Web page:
'Ikat': Sumba's traditional woven textile - Tourism Indonesia




Monday, March 3, 2008

'Ikat': Sumba's traditional woven textile

It was a drizzly afternoon and 42-year-old Umbu Anton sat idly by the corridor of the main gateway into Waingapu market.

Lengths of ikat (woven textiles) from East Sumba lay neatly in a pile in front of him, while other textiles he was selling hung displayed on the wall behind him. Most of the woven fabrics had horse, skull, crocodile or dog motifs.

One of the producers of East Sumba ikat, Fidelis Tasman Amat, said the drop in the number of buyers had led to a drop in the number of vendors found along roadsides, in markets and around hotels.

A drop in the number of buyers, Fidelis added, was due to the fact that some vendors sold fake ikat.

"Once someone gets cheated, they are reluctant to buy again as they don't believe what is being sold is genuine ikat," said Fidelis, who comes from Manggarai, in East Nusa Tenggara.

If people want to buy genuine ikat, he said, they prefer to go to production centers or visit ikat workshops.

Fidelis said it was necessary to promote ikat in an event, such as the one recently held by the Council for National Handicrafts Indonesia (Dekranasda)'s East Sumba office, which introduced two of Sumba's longest pieces of ikat.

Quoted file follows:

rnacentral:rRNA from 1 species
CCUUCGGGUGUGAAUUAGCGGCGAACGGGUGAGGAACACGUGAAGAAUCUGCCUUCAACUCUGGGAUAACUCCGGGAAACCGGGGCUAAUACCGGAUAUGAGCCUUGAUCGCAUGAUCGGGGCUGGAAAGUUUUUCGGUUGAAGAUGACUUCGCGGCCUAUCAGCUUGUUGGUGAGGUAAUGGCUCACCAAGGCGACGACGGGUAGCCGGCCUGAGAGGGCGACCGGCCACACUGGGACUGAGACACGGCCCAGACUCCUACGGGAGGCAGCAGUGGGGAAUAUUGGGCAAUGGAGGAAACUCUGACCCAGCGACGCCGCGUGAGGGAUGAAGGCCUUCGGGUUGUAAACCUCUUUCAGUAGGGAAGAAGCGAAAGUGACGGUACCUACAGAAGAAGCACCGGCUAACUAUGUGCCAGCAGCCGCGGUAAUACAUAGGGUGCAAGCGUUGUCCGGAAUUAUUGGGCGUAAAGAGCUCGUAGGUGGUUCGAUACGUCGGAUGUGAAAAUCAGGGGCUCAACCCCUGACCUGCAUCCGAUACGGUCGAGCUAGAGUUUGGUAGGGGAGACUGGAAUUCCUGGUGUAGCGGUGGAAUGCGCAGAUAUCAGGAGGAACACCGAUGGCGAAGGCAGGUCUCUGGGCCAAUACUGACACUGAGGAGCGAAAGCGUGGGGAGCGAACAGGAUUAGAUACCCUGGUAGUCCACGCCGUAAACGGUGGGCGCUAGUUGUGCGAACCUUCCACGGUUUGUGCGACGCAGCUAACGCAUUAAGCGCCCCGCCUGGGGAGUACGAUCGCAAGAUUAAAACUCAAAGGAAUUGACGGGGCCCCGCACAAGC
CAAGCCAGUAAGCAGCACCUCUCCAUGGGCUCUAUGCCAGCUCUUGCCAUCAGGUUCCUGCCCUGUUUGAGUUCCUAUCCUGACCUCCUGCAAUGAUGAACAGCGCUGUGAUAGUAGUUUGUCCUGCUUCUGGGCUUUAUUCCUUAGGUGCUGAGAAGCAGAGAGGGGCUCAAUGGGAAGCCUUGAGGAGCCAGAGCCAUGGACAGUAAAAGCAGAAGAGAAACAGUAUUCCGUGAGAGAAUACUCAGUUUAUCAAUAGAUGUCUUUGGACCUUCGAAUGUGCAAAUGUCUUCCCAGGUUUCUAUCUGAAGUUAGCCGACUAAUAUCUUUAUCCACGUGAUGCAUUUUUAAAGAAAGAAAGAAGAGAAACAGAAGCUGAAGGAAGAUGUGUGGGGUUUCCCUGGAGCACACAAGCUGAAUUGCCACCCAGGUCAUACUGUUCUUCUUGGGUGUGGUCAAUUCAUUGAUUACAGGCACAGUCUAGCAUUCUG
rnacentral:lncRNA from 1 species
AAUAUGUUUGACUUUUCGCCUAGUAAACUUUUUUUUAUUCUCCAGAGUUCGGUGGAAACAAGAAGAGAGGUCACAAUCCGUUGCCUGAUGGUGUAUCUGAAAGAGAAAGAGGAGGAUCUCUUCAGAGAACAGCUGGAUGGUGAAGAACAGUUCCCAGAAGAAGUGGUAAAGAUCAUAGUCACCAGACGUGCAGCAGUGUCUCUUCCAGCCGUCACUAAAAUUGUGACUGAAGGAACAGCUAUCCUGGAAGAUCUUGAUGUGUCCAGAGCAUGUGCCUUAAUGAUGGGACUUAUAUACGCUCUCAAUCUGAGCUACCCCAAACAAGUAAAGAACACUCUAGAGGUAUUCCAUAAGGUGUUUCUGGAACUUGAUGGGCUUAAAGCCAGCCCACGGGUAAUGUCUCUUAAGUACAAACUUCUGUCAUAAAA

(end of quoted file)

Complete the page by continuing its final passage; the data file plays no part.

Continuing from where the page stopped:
The two textile pieces were the 50.10-meter-long Hinggi and the 24-meter-long Lawu Pahikungu.

The full name of the first textile is Hinggi Humba A'nda Ukurungu. A hinggi is an ikat specifically for men; humba means Sumba; a'nda means the road; and ukurungu means together. Therefore, Hinggi Humba A'nda Ukurungu means "the road taken together".

Meanwhile, the full name of the second textile is Lawu Pahikkungu Maronongu. Lawu means sarong, pahikkungu means to raise -- in the sense that during the weaving process, the motif is raised using a coconut palm frond -- and maronongu means angels. Put together, this ikat's name means "because of its beauty, this sarong is fit for angels".

It took about six months to produce the two ikat. Close to 100 people were involved in the production of the pieces and they worked every day from morning to the late afternoon.

The two pieces have made it into the Indonesian Museum of Records (MURI) as the two longest ikat.

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